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Career & Leadership

Repeating Yourself: a Workplace and Life Hack

January 11, 2019

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I hate repeating myself

It’s an impatient quality, but as a physician, wife, mom, friend, etc– I wish everyone could just hear me the first time. With a surgically-oriented personality, I would love to convey things in the most efficient way possible. As in, “Blade!” or “Kelly, please.”  So when I’m asked to repeat myself, I feel my inner voice protesting, “This is so inefficient, argh!!”

Usually, if someone repeats him or herself, my inner voice wants to inform them, “I heard you the first time!” But lately, I’ve considered changing my tack. It’s possible the individual repeating himself is trying to tell me something, and I am not quite getting the message. As a new strategy, I’ve tried to come up with a different response each time an idea is repeated. It can serve to smooth the social interaction, and clarify the idea being conveyed. This trick of changing your response came to me when speaking with a family friend suffering from Alzheimer’s disease. Now, I can use it in daily conversations.

Consider the benefits of repeating yourself. 

So in an attempt to do everything better, I’ve taken to repeating myself more on purpose.  Here are some reasons why.

It can help your relationships! For example, if I assume I will need to repeat my message to communicate effectively with my husband, I’ve managed my own expectations. If a message is conveyed the first time, that’s a bonus. Otherwise, repeating myself can be more like a baseline expectation. He’s got other stuff going on, after all, and even if we understand each other, we all get distracted and forget things. Repeating myself is the (modest) price I pay to get an idea from my brain to his.

My little boy is 14 months old, so repeating myself with him is a great way to teach him our language. I repeat words and phrases with as much variability as I can. Sometimes, I’ve realized, repeating myself comforts him. I sing the same lullabies when he’s struggling to settle down for a nap or fighting a diaper change. My singing the few Czech folk songs I know helps him learn a few words and be comforted by a part of his heritage.

Repeating oneself as a tool for doctors

Repeating can be a really useful strategy at work, too. Patients and families need plenty of explanation around the diagnoses and treatments we recommend. They need to know the risks and benefits of a given procedure or course of treatment. Before the patient even arrives for a procedure, they are inundated with information on the hospital floor. It’s even more difficult and stressful for patients to assimilate information when they are acutely ill. Therefore, they’re not in the best position to grasp all of the information we provide. This is why repeating yourself can be helpful. Having family or friends at the bedside is also key. It allows for the benefit of repetition, with the help of others who’ve helped to absorb the information.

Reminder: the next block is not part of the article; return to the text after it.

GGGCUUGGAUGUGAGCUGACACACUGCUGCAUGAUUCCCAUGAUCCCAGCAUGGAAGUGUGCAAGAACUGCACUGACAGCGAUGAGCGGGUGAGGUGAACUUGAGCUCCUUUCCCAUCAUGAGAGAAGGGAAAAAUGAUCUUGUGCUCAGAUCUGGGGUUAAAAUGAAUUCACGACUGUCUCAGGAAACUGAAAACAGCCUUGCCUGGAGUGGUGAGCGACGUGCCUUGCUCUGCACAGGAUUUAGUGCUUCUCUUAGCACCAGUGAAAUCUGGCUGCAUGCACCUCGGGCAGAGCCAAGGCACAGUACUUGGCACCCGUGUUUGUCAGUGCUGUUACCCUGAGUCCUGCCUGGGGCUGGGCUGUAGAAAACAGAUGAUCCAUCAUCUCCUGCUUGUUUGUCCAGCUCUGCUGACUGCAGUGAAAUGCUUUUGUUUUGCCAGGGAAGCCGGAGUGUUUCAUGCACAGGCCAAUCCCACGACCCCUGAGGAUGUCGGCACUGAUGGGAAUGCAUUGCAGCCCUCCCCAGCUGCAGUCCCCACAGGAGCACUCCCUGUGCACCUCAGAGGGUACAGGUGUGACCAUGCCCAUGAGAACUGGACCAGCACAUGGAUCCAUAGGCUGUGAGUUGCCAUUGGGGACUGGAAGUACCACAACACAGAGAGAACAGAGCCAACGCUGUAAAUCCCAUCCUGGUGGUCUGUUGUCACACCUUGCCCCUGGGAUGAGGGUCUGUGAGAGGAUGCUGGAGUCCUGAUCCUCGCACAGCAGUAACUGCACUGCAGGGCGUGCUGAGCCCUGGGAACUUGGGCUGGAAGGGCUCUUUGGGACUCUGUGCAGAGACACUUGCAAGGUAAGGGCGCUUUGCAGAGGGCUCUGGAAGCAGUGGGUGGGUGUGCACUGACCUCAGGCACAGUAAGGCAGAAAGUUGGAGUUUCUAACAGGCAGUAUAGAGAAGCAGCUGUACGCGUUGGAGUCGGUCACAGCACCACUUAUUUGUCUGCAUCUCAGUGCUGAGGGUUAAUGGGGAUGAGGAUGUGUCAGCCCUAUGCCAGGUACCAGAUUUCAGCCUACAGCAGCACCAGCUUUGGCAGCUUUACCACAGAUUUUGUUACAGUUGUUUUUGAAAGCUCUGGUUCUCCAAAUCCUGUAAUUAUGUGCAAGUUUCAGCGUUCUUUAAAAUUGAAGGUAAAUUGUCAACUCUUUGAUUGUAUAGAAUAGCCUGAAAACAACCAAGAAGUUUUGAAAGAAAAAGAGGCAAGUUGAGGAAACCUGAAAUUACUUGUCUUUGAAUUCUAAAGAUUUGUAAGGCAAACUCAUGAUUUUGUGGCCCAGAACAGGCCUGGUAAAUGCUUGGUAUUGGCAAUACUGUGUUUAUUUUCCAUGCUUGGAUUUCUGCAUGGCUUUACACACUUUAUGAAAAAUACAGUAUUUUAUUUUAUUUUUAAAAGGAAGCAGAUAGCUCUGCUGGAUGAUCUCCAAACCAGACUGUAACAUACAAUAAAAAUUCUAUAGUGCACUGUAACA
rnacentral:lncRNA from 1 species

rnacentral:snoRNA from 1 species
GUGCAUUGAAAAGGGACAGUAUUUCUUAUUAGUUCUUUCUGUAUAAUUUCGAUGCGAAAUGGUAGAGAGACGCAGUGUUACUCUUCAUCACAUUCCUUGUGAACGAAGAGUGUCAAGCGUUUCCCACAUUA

Every time I repeat myself in a slightly different way, I’m working on my own communication skills. This is really important as an early career physician, but I suspect I’ll be working on these skills for a lifetime.  

Using more words as social anesthesia  

Depending on the person, and perhaps as a function of my communication style, I find many want to hear more from me, not less. Patients are in a vulnerable place, and they often want the space between us filled with words. It can be soothing to repeat some elements of your consent, or to phrase things in different ways, to help a patient understand. Reiterating, clarifying, and soothing the patient in this way can build trust between you, and can function as a form of social anesthesia.

Fleshing out an explanation with as many simple words, phrases, or descriptors helps to depict the journey a device will take from the groin to the belly in an interventional procedure. Showing a deployed vena cava filter within an acrylic model, or drawing a diagram of the arteries below the knee goes a long way in bridging the gap between a physician and patient.

Repetition is part of masterful communication

I recall listening to my attendings as a trainee, marveling at the masterful use of words to describe the pathophysiology, mechanics and solution to a particular problem in simple, understandable language. Translating to lay language is a skill, and an art form all its own. And the most skilled attendings would repeat important elements of the discussion.  

Sometimes, as physicians, we can be overworked, over-caffeinated, and just too busy to slow down or repeat ourselves. But using this strategy is making me a better partner, mother, doctor. So, at the risk of repeating myself… give it a try!

Don’t forget to check out the Mastermind Retreat for Women in Male-Dominated Fields. During this unique retreat, we’ll unlock strategies to improve your work and your balance. The retreat is now eligible for 6 Category 1 AMA PRA credits through Rush University! Use your CME fund to join us for this transformative wellness retreat in my beautiful neighborhood in Palm Springs, California.

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